Worker Deaths on Tennessee Construction Sites Are IncreasingAccording to a July 2018 report in the Knoxville News, 87 workers died in construction-related accidents (according to OSHA data) in the first quarter of 2018. OSHA, the US Occupational Safety & Health Administration, is part of the US Depart of Labor. OSHA helps monitor and educate workers and employers regarding work safety. The Knoxville News story also referenced a report by TermLife2Go.com that construction, maintenance, and natural resource jobs are among the most fatal job categories in Tennessee.

In just a few reported examples, one worker was killed when he fell 20 feet onto a forklift while working at a body shop. Another worker died when he fell 10-12 feet through a ceiling while installing installation. A third worker fell off a roof while working for a roofing company.

OSHA stated through July 12, 2018, ten Tennessee construction workers have died. Five of the 10 workers were doing construction work in the Nashville region, one was working in Memphis, and three were working in the east Tennessee, Knoxville and Pigeon Forge region. The other two deaths were in other regions of the state. According to Bureau of Labor Statistics data, 122 workers died on the job in Tennessee in 2016. Nearly half of those deaths (56) involved construction, maintenance, and natural resources jobs.

The rate of Tennessee construction-related work deaths for 2016 was 15.8 per 100,000 full-time work jobs according to Edward Taylor, executive director of the “Construction Industry Research & Policy Center at the University of Tennessee’s Haslam College of Business.” The nationwide average is just 10 per 100,000 full-time workers. Tennessee employs about 3.1 million workers statewide.

The Knoxville News article speculates that part of the reason for the recent increase in Tennessee construction deaths is due to the housing-construction boom in Nashville. New workers are often unskilled and untrained which leads to more deaths. Communication difficulties among non-English speakers also may contribute to construction deaths. For these reasons, training is an important ingredient for creating a safer work environment.

Mr. Taylor emphasized that owners and contractors need to “be more involved in assuring safety for subcontractors.” They also need to change how they view safety – it should be an integral part of the project routine and not just an add-on.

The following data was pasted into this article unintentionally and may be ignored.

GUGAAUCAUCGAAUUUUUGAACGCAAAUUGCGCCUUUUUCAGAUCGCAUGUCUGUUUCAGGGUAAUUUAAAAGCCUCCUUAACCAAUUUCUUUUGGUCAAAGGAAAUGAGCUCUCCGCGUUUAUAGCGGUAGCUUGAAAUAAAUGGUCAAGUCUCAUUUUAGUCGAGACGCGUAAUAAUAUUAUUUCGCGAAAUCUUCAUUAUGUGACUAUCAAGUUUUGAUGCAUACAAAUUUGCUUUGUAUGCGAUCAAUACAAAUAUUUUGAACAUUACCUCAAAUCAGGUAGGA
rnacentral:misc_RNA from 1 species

Findings from the University of Tennessee Construction Industry Research & Policy Center (CIRPC)

The CIRPC found that:

  • Roof falls accounted for 17 deaths in the last few months.
  • Other deaths due to falls were caused by ladders, poor scaffolding, and lifts. Some of the deaths involved falls of less than 10 feet.
  • Falls accounted for just over half of construction-related deaths for the first three months of 2018.

Nationwide, work fatalities by age were as follows:

  • 65 +                  688
  • 55-64               1,160
  • 45-54               1,145
  • 35-44               979
  • 25-34               834
  • 20-24               310
  • 16-17                16
  • Under 16            13

OSHA rules violations were a factor in many deaths nationwide. Many roofers fail to wear safety harnesses and many worksites fail to have guardrails and nets.

Families of workers who die have a right to file a workers’ compensation death claim on behalf of the deceased worker.

Workers who are injured in a workplace accident have the right to demand payment for medical bills and for a good portion of their weekly wages – without the need to prove fault. Families of workers who died on the job can also file for payment of any medical bills, funeral and burial expenses, and some lost wages due to the premature death of their loved one. For strong guidance, contact Wagner & Wagner Attorneys at Law. Our skilled lawyers serving Chattanooga and Cleveland, TN, North Georgia, and nearby locations have been helping injured employees since 1945. You can schedule an appointment by calling at 423-756-7923 or filling out our contact form.